The Tasty Island rating: 4 SPAM Musubi (would be five if there were chunks of real guava fruit laced in the filling) 

Related links:


McDonald’s Haupia & Taro Pies

5 thoughts on “Review: McDonald’s Guava Pie

  • July 3, 2017 at 7:52 am
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    Believe it or not, I actually grow a big guava plant and just started a Red Lady papaya on my back deck! It’s the only way I can get it here in middle of nowhere Bama :D

    I also grow: Japanese eggplant, cucumbers, shishito peppers, and shiso, Thai and Vietnamese basils, mint, cilantro, yard long beans, lemon grass, and bird’s eye peppers, Indian ghost chilis, Mexican Habanero’s, Tabasco chilis and quite a few others since I don’t want to have to drive 70 or 100 miles one way to get them from an Asian store. Much fresher and organic too!

    Best Regards

    Haru

    Reply
    • July 3, 2017 at 10:05 am
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      Haru-San,

      Wow, that’s pretty cool that guava and papaya can grow and propagate in Alabama. Diner K’s mom grows some Ti Leaf and other Hawaiian plants (mainly flowers) outdoors in their yard out in the north west US where they live. Although she said some of them have to be brought in during the coldest part of winter, otherwise they die. Can’t forget exactly which ones, but some do, and are sensitive to seasonal climate changes. Unlike how it is here in Hawaii where it’s pretty stable year-round sun exposure, tropical heat and rain, plus no snow of course.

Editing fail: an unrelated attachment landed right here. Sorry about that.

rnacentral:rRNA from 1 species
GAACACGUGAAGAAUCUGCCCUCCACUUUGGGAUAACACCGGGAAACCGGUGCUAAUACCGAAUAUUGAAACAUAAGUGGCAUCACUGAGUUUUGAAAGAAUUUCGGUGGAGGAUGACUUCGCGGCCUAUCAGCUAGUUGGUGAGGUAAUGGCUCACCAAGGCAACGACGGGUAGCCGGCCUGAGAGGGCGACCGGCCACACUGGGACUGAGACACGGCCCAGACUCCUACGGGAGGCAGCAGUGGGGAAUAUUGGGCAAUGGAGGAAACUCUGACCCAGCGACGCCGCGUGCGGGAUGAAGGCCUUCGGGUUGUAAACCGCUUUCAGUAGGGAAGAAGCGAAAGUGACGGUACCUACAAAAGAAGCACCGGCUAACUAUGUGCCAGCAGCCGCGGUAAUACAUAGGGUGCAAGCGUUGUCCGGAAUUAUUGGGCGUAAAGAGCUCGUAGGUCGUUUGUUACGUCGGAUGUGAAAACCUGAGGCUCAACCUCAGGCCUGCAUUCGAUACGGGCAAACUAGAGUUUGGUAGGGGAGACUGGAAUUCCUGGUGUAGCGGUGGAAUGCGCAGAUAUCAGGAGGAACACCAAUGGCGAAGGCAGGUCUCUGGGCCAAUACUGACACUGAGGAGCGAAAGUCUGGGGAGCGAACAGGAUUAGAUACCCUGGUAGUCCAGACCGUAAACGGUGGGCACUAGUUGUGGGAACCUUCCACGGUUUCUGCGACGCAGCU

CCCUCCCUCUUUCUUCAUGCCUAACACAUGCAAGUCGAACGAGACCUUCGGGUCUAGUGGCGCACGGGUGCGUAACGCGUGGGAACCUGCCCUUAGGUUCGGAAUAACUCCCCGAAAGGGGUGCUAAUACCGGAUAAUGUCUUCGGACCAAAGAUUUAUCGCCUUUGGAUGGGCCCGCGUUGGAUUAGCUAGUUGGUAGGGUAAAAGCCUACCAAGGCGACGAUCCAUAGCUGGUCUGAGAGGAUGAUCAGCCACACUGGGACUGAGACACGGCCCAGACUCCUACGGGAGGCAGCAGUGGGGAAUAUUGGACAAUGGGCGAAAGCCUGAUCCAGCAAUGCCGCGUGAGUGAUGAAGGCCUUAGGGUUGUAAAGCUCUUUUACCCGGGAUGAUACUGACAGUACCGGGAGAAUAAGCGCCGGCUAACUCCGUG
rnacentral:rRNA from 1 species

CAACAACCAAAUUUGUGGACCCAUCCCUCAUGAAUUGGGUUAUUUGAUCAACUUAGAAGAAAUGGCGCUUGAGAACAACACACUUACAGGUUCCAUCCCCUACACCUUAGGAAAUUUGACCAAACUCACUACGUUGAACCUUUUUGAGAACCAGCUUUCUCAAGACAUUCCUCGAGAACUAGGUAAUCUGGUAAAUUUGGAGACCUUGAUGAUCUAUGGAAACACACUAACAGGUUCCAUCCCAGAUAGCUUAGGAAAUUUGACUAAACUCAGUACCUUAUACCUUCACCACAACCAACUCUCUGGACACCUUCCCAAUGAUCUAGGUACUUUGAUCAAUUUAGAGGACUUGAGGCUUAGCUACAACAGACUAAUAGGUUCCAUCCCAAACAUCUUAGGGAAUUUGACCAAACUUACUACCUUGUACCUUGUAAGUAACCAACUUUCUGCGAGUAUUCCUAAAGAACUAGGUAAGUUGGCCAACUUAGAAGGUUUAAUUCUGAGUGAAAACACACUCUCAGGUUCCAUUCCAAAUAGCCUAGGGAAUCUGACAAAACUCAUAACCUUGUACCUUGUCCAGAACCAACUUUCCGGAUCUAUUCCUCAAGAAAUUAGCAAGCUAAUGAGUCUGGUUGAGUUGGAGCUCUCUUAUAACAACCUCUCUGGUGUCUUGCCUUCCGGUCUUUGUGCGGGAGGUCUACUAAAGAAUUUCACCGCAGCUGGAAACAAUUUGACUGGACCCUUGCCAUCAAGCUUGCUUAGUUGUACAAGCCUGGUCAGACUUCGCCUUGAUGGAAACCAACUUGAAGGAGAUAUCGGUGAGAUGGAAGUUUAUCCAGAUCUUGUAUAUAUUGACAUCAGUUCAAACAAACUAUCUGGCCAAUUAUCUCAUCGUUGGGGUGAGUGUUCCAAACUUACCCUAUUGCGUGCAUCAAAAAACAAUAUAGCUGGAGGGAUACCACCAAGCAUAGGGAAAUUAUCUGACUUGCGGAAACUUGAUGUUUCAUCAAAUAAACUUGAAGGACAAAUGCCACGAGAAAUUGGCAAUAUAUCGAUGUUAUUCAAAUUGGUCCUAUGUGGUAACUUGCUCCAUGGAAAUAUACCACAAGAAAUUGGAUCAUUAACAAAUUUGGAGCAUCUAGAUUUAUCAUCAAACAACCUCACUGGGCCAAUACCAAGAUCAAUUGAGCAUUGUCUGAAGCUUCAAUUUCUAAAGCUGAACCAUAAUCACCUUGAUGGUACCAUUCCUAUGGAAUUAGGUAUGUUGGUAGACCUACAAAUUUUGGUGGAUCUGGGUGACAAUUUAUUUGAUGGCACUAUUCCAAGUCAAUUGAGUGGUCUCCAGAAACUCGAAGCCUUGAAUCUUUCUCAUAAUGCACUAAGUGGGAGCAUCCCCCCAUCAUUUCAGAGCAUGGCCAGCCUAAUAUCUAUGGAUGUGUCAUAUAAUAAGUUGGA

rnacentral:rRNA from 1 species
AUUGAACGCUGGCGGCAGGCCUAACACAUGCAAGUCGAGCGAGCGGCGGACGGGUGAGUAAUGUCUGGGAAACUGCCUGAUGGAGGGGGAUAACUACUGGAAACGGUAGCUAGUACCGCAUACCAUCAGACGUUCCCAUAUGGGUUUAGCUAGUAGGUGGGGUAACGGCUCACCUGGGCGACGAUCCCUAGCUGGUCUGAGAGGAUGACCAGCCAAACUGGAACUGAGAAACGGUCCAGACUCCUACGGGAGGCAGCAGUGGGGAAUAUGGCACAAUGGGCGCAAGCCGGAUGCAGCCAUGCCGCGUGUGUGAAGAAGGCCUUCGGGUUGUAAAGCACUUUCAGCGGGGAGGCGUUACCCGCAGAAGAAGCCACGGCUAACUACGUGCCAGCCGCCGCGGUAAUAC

I love Thai Basil, which I’m guessing is similar to Vietnamese Basil, with a purple hue to it. Not much of a chili pepper fan, but I get it. Ghost Chili peppers? Yikes. Way, way way too hot for me!

      Reply
      • July 7, 2017 at 9:29 am
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        Believe me – here in LA (Lower Alabama) anything that grows in Hawaii can grow here – some things don’t do well because of the OMG hot we experience in the summers (thing 90+ days with a 100 degree heat index – Hawaii is positively BALMY in comparison) I have my guava plant in a big pot I bring in for the winter (sometimes – we also average a lot of 50 – 60 degree days through most of the winter) and we’ve had torrential rain here for weeks – reminds me of Hilo! :D.

        The Thai basil I grow has smaller purplish leaves than the Vietnamese kind which has larger sawtoothed leaves. I use the Viet kind when I’m doing wraps and summer rolls – the Thai kind I put in curries and stirfries (very tasty). I grow them in pots since they are annuals here but my lemongrass overwinters well even though the blades die off. I replant things like eggplant and cukes every years

        The chilis I grow go in the same asian dishes and Mexican food except for the Ghost peppers – They’re very hard to grow and only want conditions EXACTLY like their home area in India – Must be close this year since they’re doing well!

        Do I eat them? No. Do I brag about growing them ? YUP!!!! :D

        Best regards.

        Haru

        Reply
  • July 5, 2017 at 3:58 pm
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    Pomai, like the filling.  It would be great also in yaki manju.

    Reply
    • July 5, 2017 at 4:05 pm
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      Amy,

      That’s an interesting suggestion. Perhaps McD’s could do an Azuki Bean-flavored filling for their Fried Pies offered in Japan. Not sure if a an Azuki Bean-based “Manju” McD’s Fried Pie would do well here. I’m not a fan of that flavor, but I know lots of folks here are.

      Reply